The Telegraph
Since 1st March, 1999
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Poll panel push for President’s rule

New Delhi, Sept. 18: Another bout erupted in the Supreme Court today over the Gujarat polls, with the Election Commission contending that President’s rule was the only way out and the BJP countering that if polls were not held, Narendra Modi would continue as caretaker chief minister.

“Return the (presidential) reference, m’lords, there is nothing in it... imposition of President’s rule is the only way out,” senior counsel K.K. Venugopal said, speaking for the election panel.

“Your lordships, this view of the EC is wholly erroneous and contrary to the constitutional mandate,” countered another senior counsel Arun Jaitley, pushing the case for the BJP.

Venugopal argued that President’s rule should be clamped on October 2, the date by which a new Assembly should have been sworn in. He said the presidential reference should be returned “without giving any opinion” as it had only raised “hypothetical” questions.

But Jaitley pushed for the continuance of Modi as chief minister. “If the legislature of a state stands dissolved and elections are not being held, the requirement of Article 164(4) would not apply,” he said.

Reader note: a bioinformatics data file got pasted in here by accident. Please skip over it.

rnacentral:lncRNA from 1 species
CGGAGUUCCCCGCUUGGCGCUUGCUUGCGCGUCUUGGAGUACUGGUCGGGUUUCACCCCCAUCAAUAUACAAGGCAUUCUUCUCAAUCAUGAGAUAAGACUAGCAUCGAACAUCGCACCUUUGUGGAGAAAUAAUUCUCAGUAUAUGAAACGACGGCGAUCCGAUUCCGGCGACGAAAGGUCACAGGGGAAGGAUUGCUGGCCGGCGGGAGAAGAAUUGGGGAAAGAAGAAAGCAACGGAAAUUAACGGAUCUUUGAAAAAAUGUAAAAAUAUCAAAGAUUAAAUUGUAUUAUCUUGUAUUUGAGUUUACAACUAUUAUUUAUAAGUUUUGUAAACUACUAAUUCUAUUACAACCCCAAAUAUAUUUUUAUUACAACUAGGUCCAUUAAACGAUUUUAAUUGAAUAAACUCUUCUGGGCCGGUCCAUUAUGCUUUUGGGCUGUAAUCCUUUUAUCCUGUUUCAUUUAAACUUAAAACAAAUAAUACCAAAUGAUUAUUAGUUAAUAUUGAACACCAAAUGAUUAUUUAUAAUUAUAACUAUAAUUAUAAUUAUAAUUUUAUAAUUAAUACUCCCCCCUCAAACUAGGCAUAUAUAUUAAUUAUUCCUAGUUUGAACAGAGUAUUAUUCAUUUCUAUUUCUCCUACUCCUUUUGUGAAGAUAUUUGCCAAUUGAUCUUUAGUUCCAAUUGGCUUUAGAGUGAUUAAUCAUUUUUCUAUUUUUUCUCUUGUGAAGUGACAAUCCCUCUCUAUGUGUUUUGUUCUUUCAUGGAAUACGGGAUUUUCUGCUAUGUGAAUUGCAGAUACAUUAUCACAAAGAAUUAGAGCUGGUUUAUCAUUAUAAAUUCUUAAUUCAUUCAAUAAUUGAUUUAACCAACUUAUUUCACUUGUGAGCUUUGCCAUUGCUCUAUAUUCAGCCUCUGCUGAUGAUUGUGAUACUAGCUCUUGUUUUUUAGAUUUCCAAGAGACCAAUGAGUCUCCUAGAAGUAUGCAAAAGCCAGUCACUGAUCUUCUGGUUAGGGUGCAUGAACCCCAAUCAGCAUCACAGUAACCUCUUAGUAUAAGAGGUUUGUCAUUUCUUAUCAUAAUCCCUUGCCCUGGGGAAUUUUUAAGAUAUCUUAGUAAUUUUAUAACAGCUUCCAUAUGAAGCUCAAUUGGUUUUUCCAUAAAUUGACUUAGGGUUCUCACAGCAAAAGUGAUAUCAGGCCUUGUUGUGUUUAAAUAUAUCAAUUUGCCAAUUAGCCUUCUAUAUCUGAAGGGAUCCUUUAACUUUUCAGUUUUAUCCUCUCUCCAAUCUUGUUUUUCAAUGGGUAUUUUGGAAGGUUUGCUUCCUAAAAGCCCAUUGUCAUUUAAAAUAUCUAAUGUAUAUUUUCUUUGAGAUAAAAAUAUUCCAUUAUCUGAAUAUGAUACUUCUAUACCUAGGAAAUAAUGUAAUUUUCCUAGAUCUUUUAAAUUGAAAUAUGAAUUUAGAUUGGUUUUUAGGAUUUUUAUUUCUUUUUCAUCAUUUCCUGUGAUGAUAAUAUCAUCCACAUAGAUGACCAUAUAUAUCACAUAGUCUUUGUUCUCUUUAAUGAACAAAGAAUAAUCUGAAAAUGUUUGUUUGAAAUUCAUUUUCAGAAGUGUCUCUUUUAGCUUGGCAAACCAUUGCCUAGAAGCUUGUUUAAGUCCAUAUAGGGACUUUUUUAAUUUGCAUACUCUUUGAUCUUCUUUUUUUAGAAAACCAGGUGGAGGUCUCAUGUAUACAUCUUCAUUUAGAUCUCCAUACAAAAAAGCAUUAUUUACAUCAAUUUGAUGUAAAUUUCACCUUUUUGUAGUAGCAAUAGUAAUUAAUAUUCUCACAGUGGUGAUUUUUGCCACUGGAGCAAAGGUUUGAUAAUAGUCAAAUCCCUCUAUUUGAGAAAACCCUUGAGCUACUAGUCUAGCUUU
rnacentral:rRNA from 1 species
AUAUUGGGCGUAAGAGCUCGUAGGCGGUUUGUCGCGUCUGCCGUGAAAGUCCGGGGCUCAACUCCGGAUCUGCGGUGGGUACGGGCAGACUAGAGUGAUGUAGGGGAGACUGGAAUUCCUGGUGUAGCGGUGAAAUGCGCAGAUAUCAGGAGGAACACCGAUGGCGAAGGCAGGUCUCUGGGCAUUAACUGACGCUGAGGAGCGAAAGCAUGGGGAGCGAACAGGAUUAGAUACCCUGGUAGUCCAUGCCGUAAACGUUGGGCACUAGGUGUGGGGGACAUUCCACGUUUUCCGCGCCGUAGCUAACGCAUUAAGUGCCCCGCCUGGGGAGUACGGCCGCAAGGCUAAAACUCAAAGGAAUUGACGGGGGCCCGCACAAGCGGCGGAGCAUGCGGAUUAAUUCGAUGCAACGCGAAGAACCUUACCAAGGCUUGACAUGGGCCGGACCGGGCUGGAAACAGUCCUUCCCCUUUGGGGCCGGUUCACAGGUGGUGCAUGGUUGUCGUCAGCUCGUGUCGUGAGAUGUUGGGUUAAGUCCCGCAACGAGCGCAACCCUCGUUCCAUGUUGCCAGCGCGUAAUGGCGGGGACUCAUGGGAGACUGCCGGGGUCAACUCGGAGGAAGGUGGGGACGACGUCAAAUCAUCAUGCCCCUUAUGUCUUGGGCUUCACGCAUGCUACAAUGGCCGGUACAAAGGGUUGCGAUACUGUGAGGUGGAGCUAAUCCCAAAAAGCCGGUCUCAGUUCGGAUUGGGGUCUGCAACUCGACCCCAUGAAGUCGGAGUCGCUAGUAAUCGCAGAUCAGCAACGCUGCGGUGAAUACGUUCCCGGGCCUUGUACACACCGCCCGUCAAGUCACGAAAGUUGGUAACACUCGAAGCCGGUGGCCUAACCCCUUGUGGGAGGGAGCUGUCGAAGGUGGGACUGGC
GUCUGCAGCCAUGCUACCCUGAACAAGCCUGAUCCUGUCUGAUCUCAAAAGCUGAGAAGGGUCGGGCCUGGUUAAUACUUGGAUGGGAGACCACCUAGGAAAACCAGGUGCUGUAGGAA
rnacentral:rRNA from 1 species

This provision stipulates that a minister or chief minister who is not a member of the legislature for six months automatically ceases to be in office at the expiry of that period. In Gujarat, the Assembly has been dissolved.

Venugopal cited several earlier references, which were returned without any opinion. Of them, the most visible one was the presidential reference on Ayodhya.

He said the election panel felt that elections in Gujarat could be held in November-December as rolls had to be revised. There were major errors “due to the migration of a vast chunk of population in the wake of the recent communal riots”, he said.

Jaitley countered: “If the EC is armed with unlimited and arbitrary powers and if the person manning the commission shares or is wedded to a particular ideology, he could, by giving odd directions, cause a political havoc or bring about a constitutional crisis, setting at nought the integrity and independence of the electoral process, so important and indispensable to the democratic system.”

The State of Gujarat concluded its arguments in court today. It contended that the poll panel had a constitutional duty to conduct elections and negation of that was not its job.

It argued that the panel’s powers under Article 324 of the Constitution to conduct polls was subject to the mandate in Article 174 that a gap of six months should not intervene between two Assembly sessions.

Jaitley will continue his argument tomorrow. Congress member Kapil Sibal is scheduled to begin his arguments after that.

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